Taking the plunge, he proceeded to fill in the rest of the requested info before clicking the next confirmation button.


Everything went through on the first try, no problem.

▼ Success!

Now all that was left to do was wait…

Sadly, nothing happened immediately after providing the scammers with this false information. But there was always the chance that they could have saved our reporter’s information for later use, so Go waited patiently for the next 40 days, checking every so often to see if anything suspicious was afoot.

Even after a month and a half had gone by, however, Go’s Facebook account remained completely untouched, without a single login or attempted login from another party. Perhaps the thieves had seen the error of their ways and had decided to go straight?


Furthermore, Go’s credit card balance remained the same; as far as he could tell, nothing had happened at all. C’mon spammers, is this really the best you could do?!


But wait! What’s this? Upon closer inspection of the credit card statement, it seems Go had been charged—and then credited 100 yen (US$0.90)—for Facebook ads. Although this hadn’t affected the available balance on the card any, it certainly was suspicious. He quickly made a quick call to Visa to inquire, but they were unable to shed much light on what had happened.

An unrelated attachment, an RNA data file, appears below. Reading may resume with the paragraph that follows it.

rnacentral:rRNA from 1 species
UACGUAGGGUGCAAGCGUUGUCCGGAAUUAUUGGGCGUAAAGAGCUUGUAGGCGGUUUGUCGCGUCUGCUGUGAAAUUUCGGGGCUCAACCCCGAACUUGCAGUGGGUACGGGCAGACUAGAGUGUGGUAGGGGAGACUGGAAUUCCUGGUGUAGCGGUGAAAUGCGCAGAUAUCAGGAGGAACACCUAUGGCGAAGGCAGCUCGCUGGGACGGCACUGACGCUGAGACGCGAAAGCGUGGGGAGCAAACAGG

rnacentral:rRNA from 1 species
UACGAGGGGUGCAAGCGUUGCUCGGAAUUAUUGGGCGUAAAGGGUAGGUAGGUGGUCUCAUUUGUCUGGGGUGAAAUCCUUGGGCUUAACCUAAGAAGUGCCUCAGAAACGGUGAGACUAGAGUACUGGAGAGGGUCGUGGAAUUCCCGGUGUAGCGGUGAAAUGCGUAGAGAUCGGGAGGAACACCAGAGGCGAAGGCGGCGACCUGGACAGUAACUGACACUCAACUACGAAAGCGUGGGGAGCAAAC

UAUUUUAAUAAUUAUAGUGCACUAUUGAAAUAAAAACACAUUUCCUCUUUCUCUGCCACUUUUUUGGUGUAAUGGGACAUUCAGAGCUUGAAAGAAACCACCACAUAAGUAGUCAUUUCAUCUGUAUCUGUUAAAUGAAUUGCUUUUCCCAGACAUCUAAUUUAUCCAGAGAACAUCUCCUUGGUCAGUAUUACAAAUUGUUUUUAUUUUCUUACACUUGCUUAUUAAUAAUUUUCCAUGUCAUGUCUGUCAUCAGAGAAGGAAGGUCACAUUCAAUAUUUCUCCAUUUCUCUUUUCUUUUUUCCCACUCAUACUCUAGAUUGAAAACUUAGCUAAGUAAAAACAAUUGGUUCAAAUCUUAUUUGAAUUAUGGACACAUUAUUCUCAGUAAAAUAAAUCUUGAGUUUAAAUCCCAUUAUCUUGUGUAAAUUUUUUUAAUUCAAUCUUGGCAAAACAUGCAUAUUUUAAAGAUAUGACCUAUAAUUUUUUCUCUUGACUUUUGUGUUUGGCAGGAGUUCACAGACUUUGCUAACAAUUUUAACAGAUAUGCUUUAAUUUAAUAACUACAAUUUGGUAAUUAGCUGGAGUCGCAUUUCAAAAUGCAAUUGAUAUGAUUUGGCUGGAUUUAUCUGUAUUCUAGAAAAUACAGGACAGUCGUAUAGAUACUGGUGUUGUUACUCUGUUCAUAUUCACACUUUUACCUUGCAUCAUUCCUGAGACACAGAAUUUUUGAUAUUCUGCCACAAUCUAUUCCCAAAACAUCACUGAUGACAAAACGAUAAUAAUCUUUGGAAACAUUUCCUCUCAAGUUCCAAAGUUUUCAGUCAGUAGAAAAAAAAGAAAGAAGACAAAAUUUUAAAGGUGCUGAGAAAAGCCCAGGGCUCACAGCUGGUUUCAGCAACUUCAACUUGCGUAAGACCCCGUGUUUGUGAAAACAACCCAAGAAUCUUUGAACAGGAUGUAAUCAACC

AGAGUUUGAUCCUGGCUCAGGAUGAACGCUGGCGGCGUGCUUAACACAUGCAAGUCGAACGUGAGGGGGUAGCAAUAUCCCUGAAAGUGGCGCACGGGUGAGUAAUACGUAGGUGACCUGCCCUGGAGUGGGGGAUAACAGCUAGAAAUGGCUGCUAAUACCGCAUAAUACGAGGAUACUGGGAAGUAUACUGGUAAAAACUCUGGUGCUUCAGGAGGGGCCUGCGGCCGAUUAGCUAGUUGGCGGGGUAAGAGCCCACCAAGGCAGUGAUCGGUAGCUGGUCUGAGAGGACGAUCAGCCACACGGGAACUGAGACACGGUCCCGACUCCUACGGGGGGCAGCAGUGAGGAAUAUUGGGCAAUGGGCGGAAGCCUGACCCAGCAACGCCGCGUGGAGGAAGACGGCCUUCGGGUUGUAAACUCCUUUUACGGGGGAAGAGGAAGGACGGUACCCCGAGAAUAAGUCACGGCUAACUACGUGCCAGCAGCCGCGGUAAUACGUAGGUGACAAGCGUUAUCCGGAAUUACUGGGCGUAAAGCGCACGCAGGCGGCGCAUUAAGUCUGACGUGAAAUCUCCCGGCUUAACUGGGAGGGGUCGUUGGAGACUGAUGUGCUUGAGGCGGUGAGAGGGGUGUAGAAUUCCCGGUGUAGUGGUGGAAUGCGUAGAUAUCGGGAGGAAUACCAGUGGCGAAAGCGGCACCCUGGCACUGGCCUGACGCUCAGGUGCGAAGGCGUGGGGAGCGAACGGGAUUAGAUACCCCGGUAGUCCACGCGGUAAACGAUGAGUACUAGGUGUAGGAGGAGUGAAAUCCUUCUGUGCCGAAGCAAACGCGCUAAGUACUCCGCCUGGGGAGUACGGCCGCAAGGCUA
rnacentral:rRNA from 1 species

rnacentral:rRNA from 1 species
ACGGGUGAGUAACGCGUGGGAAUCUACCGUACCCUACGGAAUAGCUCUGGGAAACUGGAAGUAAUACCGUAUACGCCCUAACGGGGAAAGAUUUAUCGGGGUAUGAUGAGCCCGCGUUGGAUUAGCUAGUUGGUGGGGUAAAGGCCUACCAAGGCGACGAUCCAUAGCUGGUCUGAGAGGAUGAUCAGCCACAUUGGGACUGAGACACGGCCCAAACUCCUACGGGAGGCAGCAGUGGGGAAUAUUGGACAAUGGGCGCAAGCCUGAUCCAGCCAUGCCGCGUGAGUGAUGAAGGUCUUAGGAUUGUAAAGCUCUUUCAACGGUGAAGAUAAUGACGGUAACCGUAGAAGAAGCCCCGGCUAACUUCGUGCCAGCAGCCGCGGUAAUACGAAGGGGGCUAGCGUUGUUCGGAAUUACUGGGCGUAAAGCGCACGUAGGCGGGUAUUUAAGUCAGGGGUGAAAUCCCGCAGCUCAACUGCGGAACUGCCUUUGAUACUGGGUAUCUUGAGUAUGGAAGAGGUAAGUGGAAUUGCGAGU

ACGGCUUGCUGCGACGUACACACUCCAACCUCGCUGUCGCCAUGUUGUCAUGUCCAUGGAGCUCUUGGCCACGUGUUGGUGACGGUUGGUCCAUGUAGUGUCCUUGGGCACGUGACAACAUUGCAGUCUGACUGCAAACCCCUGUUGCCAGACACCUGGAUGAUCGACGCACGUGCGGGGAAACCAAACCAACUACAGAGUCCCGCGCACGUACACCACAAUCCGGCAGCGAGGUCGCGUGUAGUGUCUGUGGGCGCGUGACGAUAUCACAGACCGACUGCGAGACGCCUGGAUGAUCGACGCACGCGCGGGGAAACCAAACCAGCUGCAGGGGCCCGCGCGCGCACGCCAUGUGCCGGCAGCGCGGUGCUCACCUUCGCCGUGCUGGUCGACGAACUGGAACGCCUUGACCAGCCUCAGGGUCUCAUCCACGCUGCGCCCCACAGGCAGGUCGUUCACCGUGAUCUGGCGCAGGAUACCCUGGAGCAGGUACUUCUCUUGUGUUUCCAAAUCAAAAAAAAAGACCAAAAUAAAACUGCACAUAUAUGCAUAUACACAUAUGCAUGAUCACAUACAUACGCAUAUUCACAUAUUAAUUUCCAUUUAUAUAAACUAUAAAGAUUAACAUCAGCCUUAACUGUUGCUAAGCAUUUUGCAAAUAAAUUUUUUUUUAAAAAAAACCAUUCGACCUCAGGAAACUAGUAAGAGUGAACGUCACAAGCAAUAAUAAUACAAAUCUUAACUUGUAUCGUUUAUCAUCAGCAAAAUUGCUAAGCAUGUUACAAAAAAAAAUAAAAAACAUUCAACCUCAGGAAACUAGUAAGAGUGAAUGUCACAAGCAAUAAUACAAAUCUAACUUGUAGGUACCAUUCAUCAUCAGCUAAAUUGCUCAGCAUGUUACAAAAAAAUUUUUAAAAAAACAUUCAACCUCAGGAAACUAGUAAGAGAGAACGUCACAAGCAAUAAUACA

Maybe these scammers had felt a pang of remorse after taking our reporter’s hard-earned 100 yen, or on the other hand, maybe they had decided he had too little money on his card and that they had bigger fish to fry. We may never know, but to date the “worst” thing that happened to Go was an increase of English-language spam mail received on his phone. Beginning with a “Hello” or a “Hi”, each mail would follow up with someone introducing themselves from an advertising and quality-control firm, going on to explain about the nature of their work. Unfortunately, since SMS mail is limited to 160 characters, each mail got cut off, so the jury’s still out on what exactly they do. (Also, while Mad Hatori may be a wild kind of guy, English isn’t really his forte.)

▼ We may never know what kind of wonderful offers we have missed!



Since viewing texts costs the receiver money, extremely large increase in SMS spam could have been problematic, although this particular experiment didn’t warrant enough spam mail to make any dent in his phone bill.

So with 3,000 yen still left on his card and his experiment now complete, our reporter is now deciding what to treat himself with… Perhaps an English study workbook to help him decipher any possible spam mail in the future?

All images © RocketNews24

A message to our readers: While we’re sure you derived just as much amusement from our reporter’s experiment as we did, we would not advise conducting similar tests, and would like to remind you all to keep your personal information safe and secure when online since, after all, there’s a good chance our man simply got lucky here. That or they saw his profile pic and were just too intimidated to try anything…
[ Read in Japanese ]